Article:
All it takes is a simple sentence, repeating your opening thank you note (but in different words). 'Thanks again for…' should suffice.
Step 9. Finish with a greeting, and sign with your name
In most cases, it's appropriate to close your note with a variation of "Sincerely," "Sincerely," or "Sincerely." Even if your letter is typed, you should always sign your name in pen. If necessary, state your title or position and the company you represent under your name.
Step 10. Proofread and review your thank you note
Depending on the circumstances, the finished product should be short and relatively simple (about half of a typed page at most). If it seems too long, check for unnecessary repetition -- with the exception of the thank you note itself, each point should only be mentioned once. Also check that your tone remains consistent. It may be a good idea to have one or two other people proofread for spelling or grammatical errors, as even minor mistakes can leave a negative impression on the recipient.
Step 11. If you are satisfied with your thank you note, send the message immediately
Again, time is of the essence – the more direct you are, the more memorable your overall impression will be.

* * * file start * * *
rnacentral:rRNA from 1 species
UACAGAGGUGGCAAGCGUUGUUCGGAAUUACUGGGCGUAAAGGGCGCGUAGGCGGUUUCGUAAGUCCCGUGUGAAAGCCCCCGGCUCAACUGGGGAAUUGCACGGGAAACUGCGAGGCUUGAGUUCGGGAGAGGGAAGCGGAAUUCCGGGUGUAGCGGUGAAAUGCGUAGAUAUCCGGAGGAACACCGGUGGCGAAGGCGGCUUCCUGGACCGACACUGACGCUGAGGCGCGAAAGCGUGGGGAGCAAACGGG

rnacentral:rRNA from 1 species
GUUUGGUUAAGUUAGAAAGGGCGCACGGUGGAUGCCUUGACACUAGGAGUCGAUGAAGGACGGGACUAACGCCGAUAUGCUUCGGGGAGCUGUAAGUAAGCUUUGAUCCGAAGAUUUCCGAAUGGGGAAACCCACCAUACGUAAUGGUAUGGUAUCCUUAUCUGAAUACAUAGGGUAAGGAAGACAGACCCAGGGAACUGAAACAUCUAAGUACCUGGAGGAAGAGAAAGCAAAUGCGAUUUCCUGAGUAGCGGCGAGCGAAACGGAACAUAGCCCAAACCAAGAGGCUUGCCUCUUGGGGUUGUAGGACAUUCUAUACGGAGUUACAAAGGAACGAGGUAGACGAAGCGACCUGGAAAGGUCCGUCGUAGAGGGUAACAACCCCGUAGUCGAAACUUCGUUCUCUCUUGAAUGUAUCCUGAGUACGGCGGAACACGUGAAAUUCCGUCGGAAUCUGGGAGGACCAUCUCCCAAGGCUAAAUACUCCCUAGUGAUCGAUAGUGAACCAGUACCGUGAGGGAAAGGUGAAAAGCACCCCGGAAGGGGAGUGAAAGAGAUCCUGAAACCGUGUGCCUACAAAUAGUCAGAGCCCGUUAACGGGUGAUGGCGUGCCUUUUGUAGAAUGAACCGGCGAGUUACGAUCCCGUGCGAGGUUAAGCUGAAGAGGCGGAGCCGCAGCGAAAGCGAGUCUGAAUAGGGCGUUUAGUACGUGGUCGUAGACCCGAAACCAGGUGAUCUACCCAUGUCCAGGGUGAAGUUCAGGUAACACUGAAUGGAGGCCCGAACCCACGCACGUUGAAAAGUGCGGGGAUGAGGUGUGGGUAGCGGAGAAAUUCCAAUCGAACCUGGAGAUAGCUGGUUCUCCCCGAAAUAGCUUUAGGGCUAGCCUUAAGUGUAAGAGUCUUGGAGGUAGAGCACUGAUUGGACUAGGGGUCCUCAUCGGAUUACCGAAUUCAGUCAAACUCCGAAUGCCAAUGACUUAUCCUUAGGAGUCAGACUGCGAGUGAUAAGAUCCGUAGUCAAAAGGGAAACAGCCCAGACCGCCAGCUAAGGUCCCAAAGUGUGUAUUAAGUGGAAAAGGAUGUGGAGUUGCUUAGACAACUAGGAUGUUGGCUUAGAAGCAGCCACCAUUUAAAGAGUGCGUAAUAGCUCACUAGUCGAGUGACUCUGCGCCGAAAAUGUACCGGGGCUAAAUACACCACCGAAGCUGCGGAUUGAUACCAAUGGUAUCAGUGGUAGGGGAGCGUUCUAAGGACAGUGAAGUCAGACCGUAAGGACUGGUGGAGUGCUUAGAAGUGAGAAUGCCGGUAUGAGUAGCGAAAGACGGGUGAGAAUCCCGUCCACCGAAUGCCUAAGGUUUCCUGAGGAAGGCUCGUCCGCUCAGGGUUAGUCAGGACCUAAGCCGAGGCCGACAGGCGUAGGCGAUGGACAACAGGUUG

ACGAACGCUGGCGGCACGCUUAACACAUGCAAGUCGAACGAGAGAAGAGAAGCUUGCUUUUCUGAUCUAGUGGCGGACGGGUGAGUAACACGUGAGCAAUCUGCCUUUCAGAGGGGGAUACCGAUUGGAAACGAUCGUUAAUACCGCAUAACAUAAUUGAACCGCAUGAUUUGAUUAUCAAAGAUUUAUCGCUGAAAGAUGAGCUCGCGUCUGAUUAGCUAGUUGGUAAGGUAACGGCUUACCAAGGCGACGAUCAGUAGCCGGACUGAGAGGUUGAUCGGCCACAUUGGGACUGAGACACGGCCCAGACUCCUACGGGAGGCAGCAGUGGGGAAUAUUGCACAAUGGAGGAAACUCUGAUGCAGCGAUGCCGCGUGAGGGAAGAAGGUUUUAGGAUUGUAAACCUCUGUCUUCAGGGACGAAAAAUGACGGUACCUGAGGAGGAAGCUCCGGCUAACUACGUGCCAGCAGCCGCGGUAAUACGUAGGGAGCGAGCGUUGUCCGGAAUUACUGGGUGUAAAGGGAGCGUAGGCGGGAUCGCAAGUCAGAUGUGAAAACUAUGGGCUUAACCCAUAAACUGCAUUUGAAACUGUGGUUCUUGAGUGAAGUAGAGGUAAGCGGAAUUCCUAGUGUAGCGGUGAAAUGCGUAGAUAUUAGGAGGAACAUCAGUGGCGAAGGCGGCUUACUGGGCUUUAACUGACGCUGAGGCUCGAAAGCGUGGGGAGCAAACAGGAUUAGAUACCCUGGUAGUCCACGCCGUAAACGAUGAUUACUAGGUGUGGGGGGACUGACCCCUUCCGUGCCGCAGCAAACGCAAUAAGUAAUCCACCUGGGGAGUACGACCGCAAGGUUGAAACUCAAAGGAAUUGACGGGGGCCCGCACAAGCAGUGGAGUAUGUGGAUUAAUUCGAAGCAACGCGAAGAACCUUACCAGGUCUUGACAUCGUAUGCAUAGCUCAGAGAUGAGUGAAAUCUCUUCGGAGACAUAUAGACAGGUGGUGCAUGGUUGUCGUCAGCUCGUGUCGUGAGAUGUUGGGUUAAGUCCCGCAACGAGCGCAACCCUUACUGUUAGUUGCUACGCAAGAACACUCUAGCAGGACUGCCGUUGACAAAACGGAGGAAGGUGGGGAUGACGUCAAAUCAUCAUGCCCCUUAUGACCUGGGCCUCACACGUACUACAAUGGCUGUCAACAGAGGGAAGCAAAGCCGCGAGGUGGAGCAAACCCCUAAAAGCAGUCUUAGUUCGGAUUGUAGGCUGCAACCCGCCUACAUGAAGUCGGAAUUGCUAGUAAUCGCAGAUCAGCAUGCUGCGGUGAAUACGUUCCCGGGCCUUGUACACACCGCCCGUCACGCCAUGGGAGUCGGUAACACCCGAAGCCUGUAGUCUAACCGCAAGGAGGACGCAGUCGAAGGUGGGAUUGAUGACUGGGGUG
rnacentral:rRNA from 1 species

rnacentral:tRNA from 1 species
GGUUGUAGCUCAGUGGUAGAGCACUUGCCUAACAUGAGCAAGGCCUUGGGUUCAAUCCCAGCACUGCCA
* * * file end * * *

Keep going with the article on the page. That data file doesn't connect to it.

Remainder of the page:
- What not to include: personal information, or news about your business life. Remember, the purpose of a thank you note is to express appreciation and gratitude to the recipient, not to praise your own personal achievements. Also, don't use the thank you note as an opportunity to promote yourself or your business other than what is directly relevant to the purpose of your thank you. Writing something like, "If you liked our X, you may also be interested in our Y's and Z's (which are now on sale!)" will likely undermine the sincerity of your thank you.
- You can include a business card with your thank you note, but it doesn't make sense if you already know the recipient well or have already given him or her a business card in the past. It can sometimes make sense when writing to a potential employer, but you can also run the risk of appearing a bit pretentious. If you're unsure, skip this - your name, job title and contact information should already be available. If your note is typed, you can also add this information as a heading to the letter (top left of the page), two lines below it followed by the recipient's name and address.